What loneliness stems from is an error in the development of a sense of identity.
So my question, can we live an idle life?
Patient yes, but not idle.
I think it’s unhealthy to be idle.
I don’t think it’s in our nature to do so. Why wouldn’t it be, if life is more or less meant to be vegetative? If we are just meant to survive, reproduce and expire?
Well, the body needs to be active to stay healthy as well as the mind, heart and soul. I agree. Humanities struggle to understand the advent of life is meaningful. Why am I here? Where did I come from? We intuit that if we can understand this then we will know what to do with our lives, that somehow we will be able to recover or unearth an order that was already there. Even science is heavily dependent on the notion that there is an objective reality that has observable traits and behaviors that we can learn from. In a way, we are all trying to practice our own form of science. We fear oblivion because it at first seems very hard to find and feel confident about sources of meaning in our world. So we grasp at straws, loose threads of a tapestry that we don’t clearly see, and if it seems to have any pull at all, any persistent value or meaning, we hang on for dear life.
So what is human society other than a collection of such threads? Notions that we cling to as supposed proof of endurance, persistence, survivability… Meaning? We aren’t misguided in trying to seek these things. It’s innate and a necessary drive for our wellbeing and that of our world as well. This is why it isn’t even unique to our species.
A recent study shows and illustrates something that people have been reporting subjectively for a long time. Caring for the young has been proven to reverse some of the symptoms of aging. Becoming a parent or grandparent can move us to re-engage with this tapestry of meaning, and it has very real, physical effects.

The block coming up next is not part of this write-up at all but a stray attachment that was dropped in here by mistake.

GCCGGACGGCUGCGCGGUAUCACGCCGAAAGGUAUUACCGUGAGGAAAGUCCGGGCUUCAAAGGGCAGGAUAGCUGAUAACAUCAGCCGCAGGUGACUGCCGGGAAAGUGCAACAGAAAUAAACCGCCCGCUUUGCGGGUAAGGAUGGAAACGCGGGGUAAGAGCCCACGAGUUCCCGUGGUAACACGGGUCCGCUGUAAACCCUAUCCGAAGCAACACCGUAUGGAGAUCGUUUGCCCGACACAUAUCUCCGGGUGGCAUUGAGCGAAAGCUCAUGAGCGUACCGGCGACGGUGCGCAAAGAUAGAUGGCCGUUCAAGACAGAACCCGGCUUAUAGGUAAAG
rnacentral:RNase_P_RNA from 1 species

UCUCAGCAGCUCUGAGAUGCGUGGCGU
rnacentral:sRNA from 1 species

I feel that we struggle so much because our focus is misdirected. Maybe it’s a side effect of being such clever monkeys. We seem to think just because we can. Perhaps because it feels good. We do a fair number of not necessarily useful things simply because they feel good, and do they strengthen our sense of meaning? Alcoholism can be said to be self-medication motivated by a failure to find or keep a sense of meaning in life.
Or maybe you just need a bit of calm. Why would we need calm?
A hectic day…a glass of wine takes the edge off. That wouldn’t be alcoholism.
Every machine needs rest. We are not machines, and even at rest our minds don’t slow down let alone shut down, but we’ve hit upon something. At rest our consciousness falls back into its root state, and in that state among other things we get in touch not with our thoughts about self (people tend to report not thinking about much while at rest). We instead in that state have an opportunity to reconnect with our experience of self, to feel ourself, feel like ourself, and figure out if everything is really ok. This is why some people become workaholics. All work and no play dosen’t make for a dull person, they make for a numb person. When at rest, the feeling comes back to our self, just like when at rest the feeling can come back to an overworked limb.
I’ve noticed recently how so many people report not being able to sleep. Is this related? It is related. Not connecting with self perhaps? Not connecting and being afraid to connect, because it would confront us with the fact that all is not well.
Your thoughts are welcome. Be well friends.